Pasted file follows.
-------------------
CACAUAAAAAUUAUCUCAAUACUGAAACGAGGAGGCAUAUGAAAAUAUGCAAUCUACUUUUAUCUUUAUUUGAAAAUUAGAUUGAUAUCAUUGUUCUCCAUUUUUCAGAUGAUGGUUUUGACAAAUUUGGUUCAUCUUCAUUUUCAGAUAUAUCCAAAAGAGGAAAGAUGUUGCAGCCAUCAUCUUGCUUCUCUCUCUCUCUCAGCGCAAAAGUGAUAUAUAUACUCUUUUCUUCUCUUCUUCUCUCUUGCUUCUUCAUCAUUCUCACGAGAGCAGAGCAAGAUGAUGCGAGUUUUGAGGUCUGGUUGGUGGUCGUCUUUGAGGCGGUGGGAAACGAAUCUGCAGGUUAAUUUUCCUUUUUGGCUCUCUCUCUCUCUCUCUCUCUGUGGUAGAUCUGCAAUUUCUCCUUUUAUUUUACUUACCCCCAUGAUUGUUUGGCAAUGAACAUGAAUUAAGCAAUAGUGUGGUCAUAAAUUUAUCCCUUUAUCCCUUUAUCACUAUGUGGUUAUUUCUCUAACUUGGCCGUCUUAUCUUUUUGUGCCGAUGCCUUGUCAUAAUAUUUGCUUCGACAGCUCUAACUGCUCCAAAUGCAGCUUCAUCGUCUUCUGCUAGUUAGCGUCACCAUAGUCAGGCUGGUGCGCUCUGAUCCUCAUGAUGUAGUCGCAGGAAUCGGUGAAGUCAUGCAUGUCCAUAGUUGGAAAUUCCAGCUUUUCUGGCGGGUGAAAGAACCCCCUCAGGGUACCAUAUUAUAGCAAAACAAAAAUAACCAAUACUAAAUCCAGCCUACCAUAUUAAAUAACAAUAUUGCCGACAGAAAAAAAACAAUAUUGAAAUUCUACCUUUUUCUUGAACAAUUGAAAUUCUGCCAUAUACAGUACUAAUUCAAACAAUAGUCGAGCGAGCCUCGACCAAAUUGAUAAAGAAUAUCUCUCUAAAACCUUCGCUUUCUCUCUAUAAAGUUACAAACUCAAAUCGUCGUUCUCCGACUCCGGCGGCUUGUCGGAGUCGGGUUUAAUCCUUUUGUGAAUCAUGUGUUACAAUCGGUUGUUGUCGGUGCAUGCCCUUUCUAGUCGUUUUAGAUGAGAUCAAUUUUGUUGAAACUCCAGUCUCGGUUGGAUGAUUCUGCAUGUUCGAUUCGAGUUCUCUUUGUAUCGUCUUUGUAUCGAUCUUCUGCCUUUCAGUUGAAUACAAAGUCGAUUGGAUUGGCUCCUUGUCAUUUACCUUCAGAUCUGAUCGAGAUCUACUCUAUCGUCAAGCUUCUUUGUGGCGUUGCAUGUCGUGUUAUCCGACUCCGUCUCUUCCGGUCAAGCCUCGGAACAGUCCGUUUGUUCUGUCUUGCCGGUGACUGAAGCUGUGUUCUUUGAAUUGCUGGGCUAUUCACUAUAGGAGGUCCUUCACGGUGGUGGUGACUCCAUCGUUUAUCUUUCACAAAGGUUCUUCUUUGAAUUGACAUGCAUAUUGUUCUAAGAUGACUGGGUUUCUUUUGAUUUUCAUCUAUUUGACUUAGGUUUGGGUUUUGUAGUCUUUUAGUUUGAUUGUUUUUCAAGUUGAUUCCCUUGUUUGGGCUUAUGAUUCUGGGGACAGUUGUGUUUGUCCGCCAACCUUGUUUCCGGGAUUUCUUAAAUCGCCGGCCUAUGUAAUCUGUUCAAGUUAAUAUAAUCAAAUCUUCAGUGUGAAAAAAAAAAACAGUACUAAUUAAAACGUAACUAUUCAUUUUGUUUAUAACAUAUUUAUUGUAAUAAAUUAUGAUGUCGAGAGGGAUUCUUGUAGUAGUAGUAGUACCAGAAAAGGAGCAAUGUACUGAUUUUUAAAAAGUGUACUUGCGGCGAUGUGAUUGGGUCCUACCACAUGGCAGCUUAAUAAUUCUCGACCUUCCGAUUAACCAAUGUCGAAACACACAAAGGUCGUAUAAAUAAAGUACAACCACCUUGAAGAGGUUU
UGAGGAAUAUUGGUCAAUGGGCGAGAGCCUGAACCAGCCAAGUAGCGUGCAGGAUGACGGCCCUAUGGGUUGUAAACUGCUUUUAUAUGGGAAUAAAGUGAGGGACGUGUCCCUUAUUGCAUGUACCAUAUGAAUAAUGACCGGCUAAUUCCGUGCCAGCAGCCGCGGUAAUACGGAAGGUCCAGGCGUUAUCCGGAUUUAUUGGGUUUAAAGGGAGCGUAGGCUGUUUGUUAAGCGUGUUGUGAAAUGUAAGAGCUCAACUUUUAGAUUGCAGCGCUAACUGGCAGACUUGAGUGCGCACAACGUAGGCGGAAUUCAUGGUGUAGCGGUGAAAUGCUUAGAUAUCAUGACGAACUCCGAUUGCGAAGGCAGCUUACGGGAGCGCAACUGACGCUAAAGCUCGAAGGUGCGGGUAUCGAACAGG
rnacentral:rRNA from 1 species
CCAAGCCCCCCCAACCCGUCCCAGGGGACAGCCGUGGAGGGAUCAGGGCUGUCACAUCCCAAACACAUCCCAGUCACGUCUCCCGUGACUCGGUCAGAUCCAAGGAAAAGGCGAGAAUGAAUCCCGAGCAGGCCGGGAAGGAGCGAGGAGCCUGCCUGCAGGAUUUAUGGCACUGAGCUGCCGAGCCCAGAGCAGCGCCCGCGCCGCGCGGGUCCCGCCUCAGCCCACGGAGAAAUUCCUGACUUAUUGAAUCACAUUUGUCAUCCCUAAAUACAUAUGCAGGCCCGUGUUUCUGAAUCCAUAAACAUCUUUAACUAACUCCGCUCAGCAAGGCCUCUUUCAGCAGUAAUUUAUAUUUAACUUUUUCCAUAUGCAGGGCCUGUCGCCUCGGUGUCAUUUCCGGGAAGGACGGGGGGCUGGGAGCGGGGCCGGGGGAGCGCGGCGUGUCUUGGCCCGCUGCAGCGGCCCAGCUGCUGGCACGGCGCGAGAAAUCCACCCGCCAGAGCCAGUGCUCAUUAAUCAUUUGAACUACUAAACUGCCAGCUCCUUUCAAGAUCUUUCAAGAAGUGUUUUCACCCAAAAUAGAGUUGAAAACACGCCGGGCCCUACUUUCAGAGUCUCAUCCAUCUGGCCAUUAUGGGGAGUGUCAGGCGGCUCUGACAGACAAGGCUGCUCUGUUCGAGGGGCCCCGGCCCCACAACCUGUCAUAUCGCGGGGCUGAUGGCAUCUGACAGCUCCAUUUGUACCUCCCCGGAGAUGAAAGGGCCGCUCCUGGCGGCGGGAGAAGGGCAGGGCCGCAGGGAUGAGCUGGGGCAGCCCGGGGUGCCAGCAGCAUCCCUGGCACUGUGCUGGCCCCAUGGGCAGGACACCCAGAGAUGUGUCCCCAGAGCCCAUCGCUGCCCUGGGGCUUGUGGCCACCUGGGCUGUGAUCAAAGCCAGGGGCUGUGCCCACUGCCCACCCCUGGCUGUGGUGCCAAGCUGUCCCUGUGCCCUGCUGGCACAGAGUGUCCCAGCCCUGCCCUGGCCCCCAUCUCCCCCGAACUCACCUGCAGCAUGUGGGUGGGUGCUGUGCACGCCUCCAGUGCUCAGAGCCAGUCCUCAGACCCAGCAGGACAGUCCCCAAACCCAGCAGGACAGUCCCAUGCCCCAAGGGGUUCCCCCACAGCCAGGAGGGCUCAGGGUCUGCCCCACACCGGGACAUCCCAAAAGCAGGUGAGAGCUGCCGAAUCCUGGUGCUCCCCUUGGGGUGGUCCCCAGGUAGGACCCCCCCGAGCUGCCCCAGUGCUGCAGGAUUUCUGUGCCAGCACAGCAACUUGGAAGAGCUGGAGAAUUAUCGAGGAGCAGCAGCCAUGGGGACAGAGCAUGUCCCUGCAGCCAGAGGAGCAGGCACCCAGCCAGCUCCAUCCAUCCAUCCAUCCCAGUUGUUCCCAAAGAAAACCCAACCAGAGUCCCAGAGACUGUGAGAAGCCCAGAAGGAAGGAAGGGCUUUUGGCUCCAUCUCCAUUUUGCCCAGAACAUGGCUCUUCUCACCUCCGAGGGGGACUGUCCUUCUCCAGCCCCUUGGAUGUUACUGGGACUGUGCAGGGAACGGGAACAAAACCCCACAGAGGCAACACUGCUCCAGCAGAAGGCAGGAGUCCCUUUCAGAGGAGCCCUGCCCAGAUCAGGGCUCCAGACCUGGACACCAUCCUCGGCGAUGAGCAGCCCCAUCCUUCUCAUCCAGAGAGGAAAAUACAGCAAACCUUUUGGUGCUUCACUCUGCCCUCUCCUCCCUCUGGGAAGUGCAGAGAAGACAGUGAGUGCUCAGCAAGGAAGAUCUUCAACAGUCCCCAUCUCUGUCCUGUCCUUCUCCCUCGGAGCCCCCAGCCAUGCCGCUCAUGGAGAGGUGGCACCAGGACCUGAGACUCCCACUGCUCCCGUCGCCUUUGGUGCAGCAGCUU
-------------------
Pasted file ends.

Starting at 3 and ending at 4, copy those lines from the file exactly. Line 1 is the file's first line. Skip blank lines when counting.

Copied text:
rnacentral:rRNA from 1 species
CCAAGCCCCCCCAACCCGUCCCAGGGGACAGCCGUGGAGGGAUCAGGGCUGUCACAUCCCAAACACAUCCCAGUCACGUCUCCCGUGACUCGGUCAGAUCCAAGGAAAAGGCGAGAAUGAAUCCCGAGCAGGCCGGGAAGGAGCGAGGAGCCUGCCUGCAGGAUUUAUGGCACUGAGCUGCCGAGCCCAGAGCAGCGCCCGCGCCGCGCGGGUCCCGCCUCAGCCCACGGAGAAAUUCCUGACUUAUUGAAUCACAUUUGUCAUCCCUAAAUACAUAUGCAGGCCCGUGUUUCUGAAUCCAUAAACAUCUUUAACUAACUCCGCUCAGCAAGGCCUCUUUCAGCAGUAAUUUAUAUUUAACUUUUUCCAUAUGCAGGGCCUGUCGCCUCGGUGUCAUUUCCGGGAAGGACGGGGGGCUGGGAGCGGGGCCGGGGGAGCGCGGCGUGUCUUGGCCCGCUGCAGCGGCCCAGCUGCUGGCACGGCGCGAGAAAUCCACCCGCCAGAGCCAGUGCUCAUUAAUCAUUUGAACUACUAAACUGCCAGCUCCUUUCAAGAUCUUUCAAGAAGUGUUUUCACCCAAAAUAGAGUUGAAAACACGCCGGGCCCUACUUUCAGAGUCUCAUCCAUCUGGCCAUUAUGGGGAGUGUCAGGCGGCUCUGACAGACAAGGCUGCUCUGUUCGAGGGGCCCCGGCCCCACAACCUGUCAUAUCGCGGGGCUGAUGGCAUCUGACAGCUCCAUUUGUACCUCCCCGGAGAUGAAAGGGCCGCUCCUGGCGGCGGGAGAAGGGCAGGGCCGCAGGGAUGAGCUGGGGCAGCCCGGGGUGCCAGCAGCAUCCCUGGCACUGUGCUGGCCCCAUGGGCAGGACACCCAGAGAUGUGUCCCCAGAGCCCAUCGCUGCCCUGGGGCUUGUGGCCACCUGGGCUGUGAUCAAAGCCAGGGGCUGUGCCCACUGCCCACCCCUGGCUGUGGUGCCAAGCUGUCCCUGUGCCCUGCUGGCACAGAGUGUCCCAGCCCUGCCCUGGCCCCCAUCUCCCCCGAACUCACCUGCAGCAUGUGGGUGGGUGCUGUGCACGCCUCCAGUGCUCAGAGCCAGUCCUCAGACCCAGCAGGACAGUCCCCAAACCCAGCAGGACAGUCCCAUGCCCCAAGGGGUUCCCCCACAGCCAGGAGGGCUCAGGGUCUGCCCCACACCGGGACAUCCCAAAAGCAGGUGAGAGCUGCCGAAUCCUGGUGCUCCCCUUGGGGUGGUCCCCAGGUAGGACCCCCCCGAGCUGCCCCAGUGCUGCAGGAUUUCUGUGCCAGCACAGCAACUUGGAAGAGCUGGAGAAUUAUCGAGGAGCAGCAGCCAUGGGGACAGAGCAUGUCCCUGCAGCCAGAGGAGCAGGCACCCAGCCAGCUCCAUCCAUCCAUCCAUCCCAGUUGUUCCCAAAGAAAACCCAACCAGAGUCCCAGAGACUGUGAGAAGCCCAGAAGGAAGGAAGGGCUUUUGGCUCCAUCUCCAUUUUGCCCAGAACAUGGCUCUUCUCACCUCCGAGGGGGACUGUCCUUCUCCAGCCCCUUGGAUGUUACUGGGACUGUGCAGGGAACGGGAACAAAACCCCACAGAGGCAACACUGCUCCAGCAGAAGGCAGGAGUCCCUUUCAGAGGAGCCCUGCCCAGAUCAGGGCUCCAGACCUGGACACCAUCCUCGGCGAUGAGCAGCCCCAUCCUUCUCAUCCAGAGAGGAAAAUACAGCAAACCUUUUGGUGCUUCACUCUGCCCUCUCCUCCCUCUGGGAAGUGCAGAGAAGACAGUGAGUGCUCAGCAAGGAAGAUCUUCAACAGUCCCCAUCUCUGUCCUGUCCUUCUCCCUCGGAGCCCCCAGCCAUGCCGCUCAUGGAGAGGUGGCACCAGGACCUGAGACUCCCACUGCUCCCGUCGCCUUUGGUGCAGCAGCUU